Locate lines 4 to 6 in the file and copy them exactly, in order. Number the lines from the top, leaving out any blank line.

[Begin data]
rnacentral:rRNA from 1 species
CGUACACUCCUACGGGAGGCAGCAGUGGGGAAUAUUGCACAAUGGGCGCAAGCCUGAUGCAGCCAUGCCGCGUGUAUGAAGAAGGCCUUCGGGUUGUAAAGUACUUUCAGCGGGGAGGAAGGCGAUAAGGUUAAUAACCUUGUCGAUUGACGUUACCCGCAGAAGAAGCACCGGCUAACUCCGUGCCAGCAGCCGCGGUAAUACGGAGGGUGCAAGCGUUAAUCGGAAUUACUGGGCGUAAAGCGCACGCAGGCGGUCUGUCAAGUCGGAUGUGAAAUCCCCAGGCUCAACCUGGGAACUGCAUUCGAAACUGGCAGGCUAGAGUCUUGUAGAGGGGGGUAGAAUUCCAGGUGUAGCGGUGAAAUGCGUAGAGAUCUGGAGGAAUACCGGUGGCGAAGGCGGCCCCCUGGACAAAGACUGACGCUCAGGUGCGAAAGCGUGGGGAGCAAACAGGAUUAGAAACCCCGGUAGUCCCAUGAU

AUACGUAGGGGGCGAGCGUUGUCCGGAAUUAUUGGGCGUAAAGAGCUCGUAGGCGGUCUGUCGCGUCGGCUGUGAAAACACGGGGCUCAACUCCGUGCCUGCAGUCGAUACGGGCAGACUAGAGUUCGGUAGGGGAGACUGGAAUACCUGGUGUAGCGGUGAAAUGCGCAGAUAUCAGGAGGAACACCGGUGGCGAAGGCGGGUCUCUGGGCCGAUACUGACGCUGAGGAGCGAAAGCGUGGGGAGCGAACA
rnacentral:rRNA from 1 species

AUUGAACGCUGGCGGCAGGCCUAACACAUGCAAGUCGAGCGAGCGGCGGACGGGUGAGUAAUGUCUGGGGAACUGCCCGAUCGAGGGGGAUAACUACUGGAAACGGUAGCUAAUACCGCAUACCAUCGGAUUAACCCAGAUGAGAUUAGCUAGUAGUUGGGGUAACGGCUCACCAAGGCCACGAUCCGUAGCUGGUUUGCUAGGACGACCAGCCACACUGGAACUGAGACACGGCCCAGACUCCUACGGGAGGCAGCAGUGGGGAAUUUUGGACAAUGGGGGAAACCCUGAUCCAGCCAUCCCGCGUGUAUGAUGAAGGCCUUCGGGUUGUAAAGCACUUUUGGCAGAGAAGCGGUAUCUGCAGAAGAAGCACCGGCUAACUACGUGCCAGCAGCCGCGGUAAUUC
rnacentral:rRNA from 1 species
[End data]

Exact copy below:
rnacentral:rRNA from 1 species

AUUGAACGCUGGCGGCAGGCCUAACACAUGCAAGUCGAGCGAGCGGCGGACGGGUGAGUAAUGUCUGGGGAACUGCCCGAUCGAGGGGGAUAACUACUGGAAACGGUAGCUAAUACCGCAUACCAUCGGAUUAACCCAGAUGAGAUUAGCUAGUAGUUGGGGUAACGGCUCACCAAGGCCACGAUCCGUAGCUGGUUUGCUAGGACGACCAGCCACACUGGAACUGAGACACGGCCCAGACUCCUACGGGAGGCAGCAGUGGGGAAUUUUGGACAAUGGGGGAAACCCUGAUCCAGCCAUCCCGCGUGUAUGAUGAAGGCCUUCGGGUUGUAAAGCACUUUUGGCAGAGAAGCGGUAUCUGCAGAAGAAGCACCGGCUAACUACGUGCCAGCAGCCGCGGUAAUUC
rnacentral:rRNA from 1 species